That having been said, arguably the greater contribution to the spread of civilization rotting cultural and moral poison is that of the entertainment media.  Go to almost any movie in the theatres, watch almost any show on television, and especially watch the shows and movies that are made to be viewed through online streaming, and you will find one or more of the messages of wokeness preached at you.   Wokeness, as a cultural phenomenon, resembles what used to be called political correctness taken to the nth degree.  As a phenomenon of the world of ideas it is often called Cultural Marxism by those, such as this writer, who oppose it, but it is probably more accurate to describe it as that which has filled the ideological vacuum that the collapse of Marxism left on the left.   It exists to serve the same end as the original Marxism, which was to provide a theoretical justification for the actions of revolutionaries who hated existing civilization and its political, cultural, religious, and social institutions and who wished to burn it all to the ground and replace it with something else that they naively believed would be better rather than much worse.   The theory by which the Marxists sought to justify such destructive behaviour was based upon the false notion, which the Marxists shared with, and in fact borrowed from, the classical liberals, that everything else, social, political, cultural, religious, can be explained by the economic.   Everything bad in society, Marx taught, can be traced back to private property, to the first distinction between “mine” and “thine”, which divided people into classes of “haves” and “have nots” with the former oppressing the latter until the latter rise up and overthrow the former becoming the new “haves”, a process that, he maintained, would end with the final class of “have nots”, the industrial working class, overthrowing their oppressors, and establishing a society of collective ownership in which there are no “haves” and “have nots”, everyone is a worker who contributes according to his ability and receives according to his need, and everyone is finally happy.   Every attempt to put this theory into practice has produced not the paradise on earth that it promises but the exact opposite, a totalitarian hell achieved at the expense of millions of lives.   The practice having so thoroughly debunked the theory, the civilization-haters needed a new theory to replace it and so wokeness was born.   Wokeness is similar to Marxism in that it claims the oppressed need to rise up against their oppressors and overthrow them to establish a new, better, society.   It differs from Marxism in that the oppressed and oppressors are not defined economically but by race, sex, gender, sexuality, and other such identities.   White people, according to the woke, and not just white people who act in a certain way, but all white people, are racists and all other people are the victims of the oppression of racism.   Males, according to the woke, and not just males who act in a certain way but all males, are sexists and all women are the victims of sexist oppression.   Furthermore, through the doctrine of intersectionality, wokeness teaches that white males are guiltier of oppression than people who are just one or the other and that non-white women are more oppressed than white women or non-white men.   Using words like “racist” and “sexist”, that became household words a few generations ago with the understanding that they refer to variations on the theme of disliking someone for who that person is racially, sexually, etc., wokeness condemns white males for their whiteness and maleness and demands that they denounce themselves.   Although wokeness is even more palpably absurd as a theory than Marxism, and getting more so each day – it now claims that non-white people can be guilty of “whiteness” if they disagree with wokeness – it is promoted as being self-evidently what all right-thinking people must agree with by the mass communications media.     Some try to avoid being bombarded by this indoctrination and propaganda by watching only shows and movies that are sixty years old or older but this is not entirely foolproof.    Those who hate civilization and its structures recognized from the beginning how useful to their cause the new communications technology would be and you can find early antecedents of the woke message in old shows, even some that few people would think of as being political at all, much less as having a progressive slant.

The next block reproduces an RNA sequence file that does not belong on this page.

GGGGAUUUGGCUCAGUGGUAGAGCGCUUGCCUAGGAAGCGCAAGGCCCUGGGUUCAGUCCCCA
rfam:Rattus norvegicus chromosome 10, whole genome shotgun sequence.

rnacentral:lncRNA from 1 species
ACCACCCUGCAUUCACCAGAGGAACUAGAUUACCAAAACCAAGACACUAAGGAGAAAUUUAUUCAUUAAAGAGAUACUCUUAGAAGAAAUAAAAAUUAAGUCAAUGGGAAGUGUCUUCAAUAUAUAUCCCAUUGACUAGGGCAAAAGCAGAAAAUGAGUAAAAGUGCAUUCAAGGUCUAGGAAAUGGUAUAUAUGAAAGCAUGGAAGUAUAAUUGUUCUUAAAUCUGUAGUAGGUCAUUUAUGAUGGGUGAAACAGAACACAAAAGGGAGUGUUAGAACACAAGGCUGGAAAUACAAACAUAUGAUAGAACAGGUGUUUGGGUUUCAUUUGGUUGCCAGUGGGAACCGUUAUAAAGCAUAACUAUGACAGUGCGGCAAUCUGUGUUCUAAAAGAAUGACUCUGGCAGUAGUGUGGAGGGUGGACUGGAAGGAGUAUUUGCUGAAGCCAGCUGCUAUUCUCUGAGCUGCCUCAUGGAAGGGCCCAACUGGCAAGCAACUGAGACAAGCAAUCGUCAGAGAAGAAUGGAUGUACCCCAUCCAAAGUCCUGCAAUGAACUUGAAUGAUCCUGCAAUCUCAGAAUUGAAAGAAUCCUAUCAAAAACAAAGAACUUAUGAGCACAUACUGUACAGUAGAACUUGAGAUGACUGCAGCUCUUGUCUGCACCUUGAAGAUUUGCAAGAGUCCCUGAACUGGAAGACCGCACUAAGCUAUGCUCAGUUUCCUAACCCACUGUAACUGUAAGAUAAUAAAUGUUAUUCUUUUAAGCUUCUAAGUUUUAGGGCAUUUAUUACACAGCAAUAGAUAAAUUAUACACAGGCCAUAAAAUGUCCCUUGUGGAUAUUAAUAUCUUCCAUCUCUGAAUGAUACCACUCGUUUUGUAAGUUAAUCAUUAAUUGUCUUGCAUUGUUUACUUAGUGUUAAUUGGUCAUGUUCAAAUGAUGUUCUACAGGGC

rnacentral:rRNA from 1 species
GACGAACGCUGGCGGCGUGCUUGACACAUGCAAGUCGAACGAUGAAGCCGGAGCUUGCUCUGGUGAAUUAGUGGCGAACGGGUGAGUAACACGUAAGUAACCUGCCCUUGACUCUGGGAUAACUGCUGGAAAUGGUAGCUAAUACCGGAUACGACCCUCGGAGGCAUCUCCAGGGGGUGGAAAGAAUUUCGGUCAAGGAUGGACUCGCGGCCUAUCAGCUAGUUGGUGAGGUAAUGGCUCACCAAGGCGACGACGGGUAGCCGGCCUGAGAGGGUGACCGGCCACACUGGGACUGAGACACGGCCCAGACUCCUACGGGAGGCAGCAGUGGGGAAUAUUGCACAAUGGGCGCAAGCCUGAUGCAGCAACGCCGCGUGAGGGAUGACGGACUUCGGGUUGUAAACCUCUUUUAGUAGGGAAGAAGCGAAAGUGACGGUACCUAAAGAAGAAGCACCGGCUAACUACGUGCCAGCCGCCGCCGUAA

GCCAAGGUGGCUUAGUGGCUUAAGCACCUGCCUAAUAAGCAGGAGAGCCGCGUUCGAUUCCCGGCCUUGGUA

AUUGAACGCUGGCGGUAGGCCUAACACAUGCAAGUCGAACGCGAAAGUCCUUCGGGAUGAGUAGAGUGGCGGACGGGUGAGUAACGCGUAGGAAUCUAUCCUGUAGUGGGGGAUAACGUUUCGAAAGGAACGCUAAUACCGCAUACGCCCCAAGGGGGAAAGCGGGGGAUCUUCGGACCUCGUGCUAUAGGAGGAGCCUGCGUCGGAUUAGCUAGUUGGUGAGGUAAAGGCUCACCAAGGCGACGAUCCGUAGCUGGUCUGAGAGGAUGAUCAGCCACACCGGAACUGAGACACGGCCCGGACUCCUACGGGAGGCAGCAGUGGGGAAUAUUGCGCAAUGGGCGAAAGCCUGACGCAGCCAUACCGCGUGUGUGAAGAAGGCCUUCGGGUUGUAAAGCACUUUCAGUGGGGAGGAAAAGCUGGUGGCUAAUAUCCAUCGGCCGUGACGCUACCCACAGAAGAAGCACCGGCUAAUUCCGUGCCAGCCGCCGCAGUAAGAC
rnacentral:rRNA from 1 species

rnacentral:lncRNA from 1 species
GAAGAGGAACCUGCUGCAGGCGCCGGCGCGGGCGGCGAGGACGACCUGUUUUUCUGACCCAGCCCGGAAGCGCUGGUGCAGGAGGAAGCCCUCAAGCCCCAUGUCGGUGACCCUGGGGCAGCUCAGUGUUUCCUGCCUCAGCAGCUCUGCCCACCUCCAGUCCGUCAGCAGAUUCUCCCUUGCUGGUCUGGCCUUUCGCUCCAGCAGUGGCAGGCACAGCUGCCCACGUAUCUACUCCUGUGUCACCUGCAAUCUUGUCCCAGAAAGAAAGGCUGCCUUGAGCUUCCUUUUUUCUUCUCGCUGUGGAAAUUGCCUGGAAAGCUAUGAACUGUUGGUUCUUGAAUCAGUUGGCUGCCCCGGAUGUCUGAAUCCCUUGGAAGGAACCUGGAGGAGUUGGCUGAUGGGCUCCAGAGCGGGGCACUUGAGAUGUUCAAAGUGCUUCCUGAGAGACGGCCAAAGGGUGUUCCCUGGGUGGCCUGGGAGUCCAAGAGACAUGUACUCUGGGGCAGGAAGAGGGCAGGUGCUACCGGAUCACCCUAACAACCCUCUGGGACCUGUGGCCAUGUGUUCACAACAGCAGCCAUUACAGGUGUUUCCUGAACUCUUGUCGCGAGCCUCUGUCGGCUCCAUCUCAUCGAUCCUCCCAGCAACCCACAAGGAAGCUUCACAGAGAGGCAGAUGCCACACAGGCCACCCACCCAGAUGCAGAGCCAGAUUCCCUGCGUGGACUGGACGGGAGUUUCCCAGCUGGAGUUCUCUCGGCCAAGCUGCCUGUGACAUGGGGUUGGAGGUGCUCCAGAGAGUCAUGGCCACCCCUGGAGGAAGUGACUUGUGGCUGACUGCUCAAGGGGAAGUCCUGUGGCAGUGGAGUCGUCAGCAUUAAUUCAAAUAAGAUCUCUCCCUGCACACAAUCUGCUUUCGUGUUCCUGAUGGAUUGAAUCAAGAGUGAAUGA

Mass communications media of this type would have had a pernicious influence in any democratic age because it is the nature of this media to speak to people when they are at their most gullible and stupid, that is to say, when they form the type of collective that we call the “crowd” or the “herd” or just the “masses”.   While individual human persons vary greatly one from the other in terms of their intelligence, each person as he is in himself, or even as a member of the better sort of collectives, such traditional ones as the family and the community, is far smarter and more rational, than that same person is as a member of a crowd.   The problem is greatly exacerbated, however, by the effect the same Modern Age of democracy and technology has had on education.